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Frazier, Prentis (1880-1959)
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Prentis Frazier came to Seattle in 1916 with little formal education but with an innate business sense and a desire to promote financial prosperity for the small black community he found here and for himself and his family.
He was born in the community of Magnolia Springs, Jasper County, Texas to Martha and Armstead Frazier, both former slaves. At an early age he left his farm home to seek his fortune, first in Beaumont and later in Dallas, Texas. After his business ventures in banking and the operation of a boarding house failed, he and his wife Clara headed north to eventually settle in Seattle.
For almost 40 years, Prentis Frazier operated in real estate, insurance, bail bonds, and investments. His first office was in the Pacific Building at 2nd Avenue and Yesler Way. Always alert to opportunities to promote other business in the black community, in 1920, he helped organize Blackwell and Johnson Undertakers on East Marion between 12th and 13th avenues. In 1925, at 21st Avenue and East Madison Street, he and Attorney Clarence Anderson opened the Anzier Movie Theater.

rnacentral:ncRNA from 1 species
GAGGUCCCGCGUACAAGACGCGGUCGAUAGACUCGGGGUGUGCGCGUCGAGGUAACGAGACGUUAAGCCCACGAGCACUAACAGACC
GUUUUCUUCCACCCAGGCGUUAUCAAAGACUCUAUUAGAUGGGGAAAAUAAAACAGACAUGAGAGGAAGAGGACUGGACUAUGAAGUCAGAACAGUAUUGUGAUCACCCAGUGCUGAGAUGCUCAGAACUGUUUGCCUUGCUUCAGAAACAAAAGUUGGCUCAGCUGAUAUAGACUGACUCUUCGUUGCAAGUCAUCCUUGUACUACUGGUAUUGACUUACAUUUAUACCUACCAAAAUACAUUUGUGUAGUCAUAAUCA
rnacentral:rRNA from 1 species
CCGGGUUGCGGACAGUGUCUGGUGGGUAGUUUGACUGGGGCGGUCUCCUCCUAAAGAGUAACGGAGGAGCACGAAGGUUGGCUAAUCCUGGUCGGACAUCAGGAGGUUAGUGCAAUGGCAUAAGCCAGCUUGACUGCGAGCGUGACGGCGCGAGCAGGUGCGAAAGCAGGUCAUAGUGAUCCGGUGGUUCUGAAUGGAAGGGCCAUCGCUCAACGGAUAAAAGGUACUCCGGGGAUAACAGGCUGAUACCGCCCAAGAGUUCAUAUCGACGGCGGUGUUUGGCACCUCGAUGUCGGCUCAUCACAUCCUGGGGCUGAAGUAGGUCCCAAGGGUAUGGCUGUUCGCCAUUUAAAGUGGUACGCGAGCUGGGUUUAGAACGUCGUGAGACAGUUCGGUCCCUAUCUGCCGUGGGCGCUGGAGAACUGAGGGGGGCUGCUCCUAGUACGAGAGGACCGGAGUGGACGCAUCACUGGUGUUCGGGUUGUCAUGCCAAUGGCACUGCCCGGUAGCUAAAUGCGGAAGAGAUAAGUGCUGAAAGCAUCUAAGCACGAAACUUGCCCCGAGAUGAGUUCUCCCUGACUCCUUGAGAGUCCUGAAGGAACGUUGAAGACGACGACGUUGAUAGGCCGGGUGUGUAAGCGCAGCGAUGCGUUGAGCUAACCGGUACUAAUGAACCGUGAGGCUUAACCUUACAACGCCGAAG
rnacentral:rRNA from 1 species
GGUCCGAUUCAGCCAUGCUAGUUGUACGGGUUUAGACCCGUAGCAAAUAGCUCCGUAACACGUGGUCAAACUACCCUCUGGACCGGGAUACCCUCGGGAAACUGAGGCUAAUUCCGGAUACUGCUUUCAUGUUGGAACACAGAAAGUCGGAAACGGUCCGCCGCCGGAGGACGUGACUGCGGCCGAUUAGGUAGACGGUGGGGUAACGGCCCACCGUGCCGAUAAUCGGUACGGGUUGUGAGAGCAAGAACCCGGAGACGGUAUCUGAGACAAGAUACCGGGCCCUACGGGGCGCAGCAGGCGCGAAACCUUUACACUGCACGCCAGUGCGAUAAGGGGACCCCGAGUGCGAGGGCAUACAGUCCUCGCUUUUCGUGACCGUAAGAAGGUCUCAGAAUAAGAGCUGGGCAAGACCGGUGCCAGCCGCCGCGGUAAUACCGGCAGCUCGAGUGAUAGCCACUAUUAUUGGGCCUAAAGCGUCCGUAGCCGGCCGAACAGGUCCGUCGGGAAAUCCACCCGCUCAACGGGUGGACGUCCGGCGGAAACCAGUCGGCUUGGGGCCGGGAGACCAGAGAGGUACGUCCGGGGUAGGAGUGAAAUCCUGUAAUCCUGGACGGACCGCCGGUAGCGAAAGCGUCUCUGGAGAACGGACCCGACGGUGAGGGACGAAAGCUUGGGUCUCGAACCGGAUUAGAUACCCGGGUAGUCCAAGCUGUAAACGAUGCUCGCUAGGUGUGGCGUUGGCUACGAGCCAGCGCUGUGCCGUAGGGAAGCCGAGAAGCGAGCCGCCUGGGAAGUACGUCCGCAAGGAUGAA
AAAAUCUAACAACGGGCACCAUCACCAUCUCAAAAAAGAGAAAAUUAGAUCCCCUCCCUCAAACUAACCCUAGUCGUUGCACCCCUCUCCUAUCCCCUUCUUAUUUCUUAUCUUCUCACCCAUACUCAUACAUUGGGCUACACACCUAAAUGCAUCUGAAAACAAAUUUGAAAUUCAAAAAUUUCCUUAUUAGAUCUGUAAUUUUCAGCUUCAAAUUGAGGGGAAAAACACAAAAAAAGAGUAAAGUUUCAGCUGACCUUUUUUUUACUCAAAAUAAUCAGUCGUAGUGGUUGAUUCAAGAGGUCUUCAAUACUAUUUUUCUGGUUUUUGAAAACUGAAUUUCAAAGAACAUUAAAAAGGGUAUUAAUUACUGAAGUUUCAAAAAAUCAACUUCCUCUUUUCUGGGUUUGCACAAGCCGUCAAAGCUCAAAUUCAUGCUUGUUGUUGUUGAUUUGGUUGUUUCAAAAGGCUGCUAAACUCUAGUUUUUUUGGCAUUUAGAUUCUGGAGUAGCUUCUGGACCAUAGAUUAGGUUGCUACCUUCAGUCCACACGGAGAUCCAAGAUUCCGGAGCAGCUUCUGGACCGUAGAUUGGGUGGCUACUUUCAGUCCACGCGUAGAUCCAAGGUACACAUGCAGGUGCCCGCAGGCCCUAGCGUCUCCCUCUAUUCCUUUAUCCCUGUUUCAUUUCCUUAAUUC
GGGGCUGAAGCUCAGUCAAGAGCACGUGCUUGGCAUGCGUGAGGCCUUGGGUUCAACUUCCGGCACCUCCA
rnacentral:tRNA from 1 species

Later in the 1920s, he and William Wilson started and published a small black oriented newspaper, the Seattle Enterprise, which was later renamed the Northwest Enterprise and ran until the early 1950s. In the early 1940s, he went into the bail bond business with offices in the Lyon Building at 3rd Avenue and James Street.
Prentis Frazier was an active member of the Republican Party and a member and generous contributor to the First African Methodist Episcopal Church. He always lived in the Central Area, residing the last ten years of his life at 410 23rd Avenue E. When the gully behind his home was designated a mini-park, relatives and neighbors recommended it be named for him because of his contribution to the community as a philanthropist and business entrepreneur. In 1983, the Seattle Parks and Recreation Department changed the name of the 0.3 acre Harrison Street Mini Park to the Prentis Frazier Park.
Mary T. Henry. Tribute: Seattle Public Places Named for Black People. (Seattle: Statice Press, 1987) 61, 62.
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